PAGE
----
Last of the quarehawks
Aidan Walsh's quest for the Holy Grail of fame was inextricably entwined with the pining for a mother and father he never knew, says Peter Murphy.
LET'S get one thing straight: Aidan Walsh is no gom. Odd as two left feet perhaps, dressed in a blue safari suit and matching baseball cap, sporting whiskers that were last fashionable in Dickensian times, but the guy's all there. So much so that when we meet, he takes me to task for a live review I'd all but forgotten writing some years ago.
And certainly, the first half hour of the show in question was one of the most extraordinary pieces of rock 'n' roll theatre this side of U2's PopMart. Aidan arrived at the venue on a horse, wearing his customary cowboy hat and wielding a whip, leading a procession of bucket-headed acolytes towards the stage to the strains of Also Sprach Zarathustra.
The event was captured for posterity in Shimmy Marcus's brilliant documentary Aidan Walsh Master Of The Universe, currently showing in the IFC, the first time such a low-budget Irish film, made on video, has been granted a cinema release.
Both RTÉ and TV3 have so far refused to screen the movie, a state of affairs that is nothing short of criminal, yet somehow inevitable.
Marcus's film, which has drawn favourable comparison with Terry Zwigoff's 1994 documentary of legendary American cartoonist Robert Crumb, is achingly funny in parts, but it also reveals many of the downright tragic aspects of its subject's life. ``When people were laughing most, that's when I wanted to hit them with something quite serious,'' Marcus explains. ``To go, `Just think for a second are you laughing with or are you laughing at?'''
Aidan's quest for the Holy Grail of fame, or as he calls it, ``the big time'', is inextricably entwined with the pining for a mother and father he never knew. Like so many before him, from Moby to Madonna, he has sought out celebrity or notoriety as a means of filling the gaping void in his history.
Walsh spent his childhood years in the harsh environment of a boys' home in Cork, and his return to the institution to search out records of his past made for some of the most poignant moments in the film. ``I didn't really like going back, but I'm glad I did,'' Walsh, now a ruddy-faced, 46-year-old, tells me. ``They're looking after the kids now, they're not treated like dirt anymore, they're getting attention they never got in my time. Also, after the movie, they found my files.''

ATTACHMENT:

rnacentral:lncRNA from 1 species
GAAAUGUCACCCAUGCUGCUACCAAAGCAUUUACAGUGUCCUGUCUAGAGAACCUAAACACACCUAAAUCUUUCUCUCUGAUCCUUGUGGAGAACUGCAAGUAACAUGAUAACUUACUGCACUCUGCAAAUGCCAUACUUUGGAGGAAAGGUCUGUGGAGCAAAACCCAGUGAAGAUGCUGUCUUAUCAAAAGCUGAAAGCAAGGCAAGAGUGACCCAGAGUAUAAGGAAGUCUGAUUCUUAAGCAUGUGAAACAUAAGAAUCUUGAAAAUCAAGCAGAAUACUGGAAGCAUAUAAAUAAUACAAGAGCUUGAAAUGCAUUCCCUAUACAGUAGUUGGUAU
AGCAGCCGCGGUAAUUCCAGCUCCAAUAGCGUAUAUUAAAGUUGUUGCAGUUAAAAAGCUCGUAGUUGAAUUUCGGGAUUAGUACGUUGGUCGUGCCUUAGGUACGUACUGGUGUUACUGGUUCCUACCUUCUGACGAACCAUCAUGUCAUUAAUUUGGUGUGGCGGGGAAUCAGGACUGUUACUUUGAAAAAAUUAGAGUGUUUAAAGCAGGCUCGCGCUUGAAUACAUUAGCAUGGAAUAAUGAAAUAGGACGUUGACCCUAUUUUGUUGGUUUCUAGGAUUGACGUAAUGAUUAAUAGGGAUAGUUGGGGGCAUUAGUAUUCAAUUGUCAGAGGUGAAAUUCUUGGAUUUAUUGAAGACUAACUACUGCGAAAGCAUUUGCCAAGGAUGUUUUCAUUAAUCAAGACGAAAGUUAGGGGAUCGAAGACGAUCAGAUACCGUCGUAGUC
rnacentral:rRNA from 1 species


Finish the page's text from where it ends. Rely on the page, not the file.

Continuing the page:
The performer also managed to locate a brother called Willie, and they became good friends shortly before he died of cancer. ```Keep the faith', that was my last sentence to him,'' Aidan remembers.
BUT the search for his parents still continues. Aidan hopes to save enough money to have a photograph of his mother enhanced to give an accurate impression of what she looks like now.
He believes she is in London, and is prepared to enlist a clairvoyant to help locate her. ``I have to find my mother and father to let them know how I'm doin', to let them know how famous I am without their help,'' he insists. ``It would be nice to know if they're still alive on the planet.''
After finally succeeding in running away from the boys' home at the age of 17, Walsh spent a short spell in the army (he loved it, they weren't so enamoured of him), then found a surrogate family with Community Games' official Joe Connolly. And then, of course, he somehow became the unlikeliest of Eighties' rock 'n' roll contenders, one who by his own admission wasn't much of a singer or a dancer. It was all about force of character.